Costume, Uniform, Dress

Costume, Uniform, Dress

Where is it. Where is it. Where is it. Where. Is. It. I know it’s here somewhere. It shouldn’t be that hard to find. It’s big, it’s red and it’s bright. But it’s not here. Why isn’t it here. Not like it has legs. Did someone mistake it for their’s - no couldn’t have. No one comes in here. Did mom take it - no shouldn’t have. She would have said. Did I lose it - no wouldn’t have. Why would I wear it any other day than today.




Her head pops in the doorway eyebrows raised in a question. She’s not answering because she’s got hairpins and other assorted doodads in her mouth. She must have been doing my sister’s hair.

“Have you seen my outfit?” Mumbles and a headshake follows. I grit my teeth in returns as she disappears once more down the hall to answer my sister’s protestations and demands about her hair. I don’t know what the big deal is, she’s going to have a hat on so no one can see it anyways. And even when she runs off with her friends, which she inevitably will, she’ll keep her hat on for the cold. Even in the crowds the wind can be biting.

The former contents of my drawer are scattered over my room. Nothing. It’s not there. Time to shift through my year of detritus. Mom says I should clean my room, that I’ll never find anything in here with the mess. It’s not a mess I tell her, just organized chaos - where everything is somewhere and anything is in reach. Except I’m inclined to believe her now.

Alright I need a plan of attack. If I take the bed first then everything can go on the floor. After that I’ll try under the bed. Then the closet, bookshelf and finally the back of the door. All I have to do is pile it all in the center of the room and then I’ll know where it isn’t. Nevermind what’s there.

The bed is quick. A swift swipe of the cover drags everything to the floor - pillow, book, flashlight, Goober, phone. Nothing. Under the bed is boxes of assorted things. All too small to be what I’m looking for. I don’t bother with what’s in the boxes, they just go on the pile. Zone 1 is clear.

The closet is the most likely location for my dress. Hanging it means it’s not wrinkled. No wrinkles means mom isn’t on me to iron it. Ironing sucks. I try to argue it’s bad for the environment but she’s having none of it, won’t even look at the justifications I find on my phone for not ironing. She says it’s a matter of pride in yourself to be presentable. I say at least I’m wearing it.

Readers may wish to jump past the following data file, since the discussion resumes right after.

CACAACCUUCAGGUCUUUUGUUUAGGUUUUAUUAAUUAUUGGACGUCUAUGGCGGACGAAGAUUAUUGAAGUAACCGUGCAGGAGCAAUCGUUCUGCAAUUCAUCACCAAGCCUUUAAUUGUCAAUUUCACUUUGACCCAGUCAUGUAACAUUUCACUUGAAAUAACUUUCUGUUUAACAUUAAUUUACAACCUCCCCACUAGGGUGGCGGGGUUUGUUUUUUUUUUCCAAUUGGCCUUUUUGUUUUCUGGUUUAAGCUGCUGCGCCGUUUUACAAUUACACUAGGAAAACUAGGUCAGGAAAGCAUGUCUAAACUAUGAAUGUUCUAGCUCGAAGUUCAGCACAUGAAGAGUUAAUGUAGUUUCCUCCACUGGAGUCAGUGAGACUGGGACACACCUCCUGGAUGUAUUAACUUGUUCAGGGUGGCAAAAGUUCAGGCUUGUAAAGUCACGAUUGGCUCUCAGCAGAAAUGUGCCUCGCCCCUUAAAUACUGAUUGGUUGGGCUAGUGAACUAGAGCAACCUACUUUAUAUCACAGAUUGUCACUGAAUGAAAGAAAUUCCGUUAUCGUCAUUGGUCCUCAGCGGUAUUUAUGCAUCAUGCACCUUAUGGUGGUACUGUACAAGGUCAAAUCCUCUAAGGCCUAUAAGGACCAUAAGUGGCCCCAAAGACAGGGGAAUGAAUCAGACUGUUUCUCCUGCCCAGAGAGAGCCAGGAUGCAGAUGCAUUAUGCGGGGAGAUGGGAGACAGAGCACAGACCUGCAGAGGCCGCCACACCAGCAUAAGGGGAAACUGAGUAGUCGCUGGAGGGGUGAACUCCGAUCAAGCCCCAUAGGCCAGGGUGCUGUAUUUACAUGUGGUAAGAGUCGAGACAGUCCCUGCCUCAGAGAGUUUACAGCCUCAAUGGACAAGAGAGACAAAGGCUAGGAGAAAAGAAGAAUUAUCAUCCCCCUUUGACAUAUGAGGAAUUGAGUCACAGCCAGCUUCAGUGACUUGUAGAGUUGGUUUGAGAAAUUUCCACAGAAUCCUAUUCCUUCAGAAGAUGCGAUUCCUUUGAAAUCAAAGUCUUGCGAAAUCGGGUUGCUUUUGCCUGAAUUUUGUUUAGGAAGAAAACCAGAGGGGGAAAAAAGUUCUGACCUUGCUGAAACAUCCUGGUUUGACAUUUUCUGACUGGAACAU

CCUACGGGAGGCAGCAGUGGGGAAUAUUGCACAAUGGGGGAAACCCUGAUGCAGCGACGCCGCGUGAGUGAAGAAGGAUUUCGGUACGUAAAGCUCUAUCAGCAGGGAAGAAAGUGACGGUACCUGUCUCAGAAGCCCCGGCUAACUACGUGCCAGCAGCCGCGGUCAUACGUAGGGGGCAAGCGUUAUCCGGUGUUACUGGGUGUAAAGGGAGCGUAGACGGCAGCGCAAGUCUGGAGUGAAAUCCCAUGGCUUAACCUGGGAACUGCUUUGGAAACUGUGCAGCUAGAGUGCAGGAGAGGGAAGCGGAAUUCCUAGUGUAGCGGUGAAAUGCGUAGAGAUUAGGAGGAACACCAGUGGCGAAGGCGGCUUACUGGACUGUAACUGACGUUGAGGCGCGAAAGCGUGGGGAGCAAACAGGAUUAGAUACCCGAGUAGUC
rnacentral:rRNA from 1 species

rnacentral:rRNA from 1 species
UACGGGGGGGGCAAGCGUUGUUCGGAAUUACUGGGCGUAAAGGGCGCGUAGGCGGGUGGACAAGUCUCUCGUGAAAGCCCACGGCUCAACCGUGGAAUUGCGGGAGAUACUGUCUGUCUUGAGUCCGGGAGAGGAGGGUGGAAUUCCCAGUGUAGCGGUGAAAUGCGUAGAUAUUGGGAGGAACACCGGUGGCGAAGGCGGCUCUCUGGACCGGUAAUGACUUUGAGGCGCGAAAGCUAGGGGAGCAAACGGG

Which is when she sighs.

It’s always at this moment that the speech comes. She gets down on one knee, brushes the hair from my eyes and says, “Dumpling,” - a term of endearment I hate, “it’s not just pride in who you are as a person and being presentable to others. It’s a recognition of all of those, both family and not, who’ve come before and worked so that we may be where we are. We honor them today so that we may be honored in return for our contributions to this world.”

She gets like this. It only ramps up from here. Her speech becomes more dramatic but also more bombastic. If I hadn’t heard it my entire life than maybe it’d work. Instead she just sounds like some long-winded professor who likes to hear them speak. I guess she sounds granddad. He can get this way and that’s when he’s talking about 18th century agricultural industrialization. Why he gets so worked up over some farmers becoming more efficient I’ll never understand.

But I do get my mom - some. This means a lot to her. And it does to my sis as well. I begrudgingly go through with it and don’t fight it - for them. It’s just easier at this point to put on my uniform and be done with it. Plus it’s warm, well it keeps me warm because we will be outside for hours.

And hours. And hours. We don’t even do much anymore. Not like when we were little, but we still end up standing on the streets with everyone else for what feels like ages. My toes go cold - oh crap, I need to find my socks! They weren’t in the drawer either and they’re not hanging in the closet. Why would socks be hanging in the closet? At least mom doesn’t want me to iron them. 

Fantastic. Now I can’t find two things. And mom has seen me up and moving so I can’t even play sick. She’ll demand and berate me till I’m on the street with the others and if that doesn’t work she’ll turn to wooden utensils. 

My only option now is to escape. My sis has mom tied up, literally in the length of her hair. That’ll occupy her for a good 30 minutes, enough time to get far enough away that she won’t be able to check if I’m wearing it or not. Problem is they’re right next door in the bathroom. So I’ve got to be quick.

I listen to the exchange between my sister and her. My mom is clearing just nodding along, mumbling more through the hairpins and bangles held between her lips as my sis rattles on about what her and her friends have planned for today. I scoot up to the door. Peak around the jam. And jump to the other side.

I tiptoe towards the front door, hand poised to turn the handle. DONG! The doorbell rings loud and clear. I turn my head to see my mother looking out of the bathroom at me. She uses the pins in her mouth to gesture at me to open the door.

I sigh in resignation and reach for the door. On the other side stands my granddad, my costume in hand. Socks and all.

Today’s art is courtesy of Liang Mark from Cheng du, China.



Stained Glass Sorrow

Stained Glass Sorrow